Community weighs in on gaming arcade debate

Tieran Lewis

The Kent Planning Commission has approved plans for a new gaming arcade at University Plaza.

According to the commission’s May 15 meeting minutes, Wild Cherries Gaming, a Cleveland-owned business, plans to operate 20 to 30 skilled gaming machines for patrons 18 years old and older.

Bill Anderson, Kent Planning Commission member, said the machines look similar to casino slot machines and believes they are for gambling.

“I don’t think it’s a game of skill,” he said. “A game of skill is where you can hit a ball and miss it – it’s something you can control.”

According to Ohio state law, skilled games are defined as mechanical, electronic, video or digital devices or machines in which the player is an active participant, and the outcome of the game is not entirely based on chance.

Anderson said Wild Cherries Gaming owner Erika Kleinfeld demonstrated how the machines operate at the commission’s May 15 meeting.

According to the meeting minutes, Kleinfeld, who could not be reached for comment, said the player has to start the machine before it begins to spin.

Anderson said the machine spins similar to the barrels of a casino slot machine. The player stops the machine from spinning by touching the screen or pushing a button.

Kleinfeld said the skill involves the player determining which way to line up a row of characters in order to win.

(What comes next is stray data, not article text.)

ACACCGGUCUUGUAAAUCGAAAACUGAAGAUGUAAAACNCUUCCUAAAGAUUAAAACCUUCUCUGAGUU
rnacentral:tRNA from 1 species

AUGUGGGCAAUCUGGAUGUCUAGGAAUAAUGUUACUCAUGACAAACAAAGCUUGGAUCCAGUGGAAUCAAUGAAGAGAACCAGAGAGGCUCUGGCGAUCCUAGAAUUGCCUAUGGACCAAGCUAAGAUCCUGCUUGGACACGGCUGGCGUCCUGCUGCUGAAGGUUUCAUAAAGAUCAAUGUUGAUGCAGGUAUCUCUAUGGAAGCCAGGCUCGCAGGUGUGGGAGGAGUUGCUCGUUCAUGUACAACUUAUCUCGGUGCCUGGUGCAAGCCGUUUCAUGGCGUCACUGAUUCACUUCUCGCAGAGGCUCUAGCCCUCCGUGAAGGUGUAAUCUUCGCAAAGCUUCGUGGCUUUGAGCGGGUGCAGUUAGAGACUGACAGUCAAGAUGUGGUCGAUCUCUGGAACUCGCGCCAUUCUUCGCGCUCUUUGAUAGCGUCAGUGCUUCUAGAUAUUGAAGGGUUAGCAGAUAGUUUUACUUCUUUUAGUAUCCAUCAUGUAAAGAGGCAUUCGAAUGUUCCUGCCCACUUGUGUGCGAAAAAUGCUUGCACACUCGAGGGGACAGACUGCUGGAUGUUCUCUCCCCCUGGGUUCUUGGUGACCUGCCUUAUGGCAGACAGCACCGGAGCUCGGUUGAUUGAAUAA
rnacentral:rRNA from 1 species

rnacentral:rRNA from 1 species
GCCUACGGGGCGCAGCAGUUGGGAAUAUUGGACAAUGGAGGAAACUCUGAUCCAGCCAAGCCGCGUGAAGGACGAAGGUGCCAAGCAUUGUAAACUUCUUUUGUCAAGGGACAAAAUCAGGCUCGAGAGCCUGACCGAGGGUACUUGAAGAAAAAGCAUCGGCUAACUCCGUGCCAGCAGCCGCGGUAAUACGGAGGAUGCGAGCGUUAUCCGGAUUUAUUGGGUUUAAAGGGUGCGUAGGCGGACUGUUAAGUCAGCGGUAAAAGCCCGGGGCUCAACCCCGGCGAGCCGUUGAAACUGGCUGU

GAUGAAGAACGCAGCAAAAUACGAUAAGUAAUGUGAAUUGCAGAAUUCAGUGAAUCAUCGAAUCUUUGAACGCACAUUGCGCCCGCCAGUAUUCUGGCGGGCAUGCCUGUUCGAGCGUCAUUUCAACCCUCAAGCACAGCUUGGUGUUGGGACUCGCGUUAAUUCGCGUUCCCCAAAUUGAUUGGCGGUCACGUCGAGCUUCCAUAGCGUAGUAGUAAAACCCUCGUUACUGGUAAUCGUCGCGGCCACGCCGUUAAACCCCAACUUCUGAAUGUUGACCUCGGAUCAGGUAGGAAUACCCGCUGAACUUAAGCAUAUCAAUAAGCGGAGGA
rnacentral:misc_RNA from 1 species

Anderson disagrees. “Gambling is gambling,” he said. “Even if you understand how to do it, you still can’t control it completely.”

Some residents are unsure how the gaming arcade will affect the Kent community.

“I would say open it and see how it goes,” said Candice Johnson of Rhodes Road. “But if it turns for the worse, I say shut it down.”

Others are not pleased to see such establishments in suburban areas.

“It’s disappointing to see that it’s filtered into the city,” said Rich Gonnis of Franklin Township. “It’s one thing to go to Las Vegas or West Virginia to gamble, but doing it in the suburbs is different.”

Ward 3 Councilman Wayne Wilson said he has not seen a negative or positive effect from the existing skilled gaming sites on East Main Street in Franklin Township.

“From looking at the ones out there and seeing nobody at them, I just don’t understand how they make any money anyway,” he said.

Anderson said he is concerned the community will go “downhill” and the business will take advantage of low-income residents.

“It’s down in the part of Kent where the income is very low and a lot of the people there are unemployed, so they’ll go down there and play these games hoping to win,” he said.

Gonnis agrees.

“Sometimes you see someone hoping to hit 10 grand to get out of debt and try to do it again and again,” he said. “People resort to desperate measures at times to get themselves back on their feet, and it spins out of control.”

Gaming businesses are permitted in Kent because an ordinance was passed that allowed for “amusement arcades.”

The ordinance requires skilled gaming businesses to purchase a $1,000 permit each year of operation and pay a fee of $100 per machine per month.

“We felt that if that kind of business wanted to come into town there should be a cost to it,” Wilson said. “We want to kind of control what they’re doing as much as we legally can.”

Even with the planning commission’s approval of the site plan, Wild Cherries Gaming will not be able to open until the Ohio attorney general determines whether the games are considered skilled or gambling.

Contact general assignment reporter Tieran Lewis at [email protected].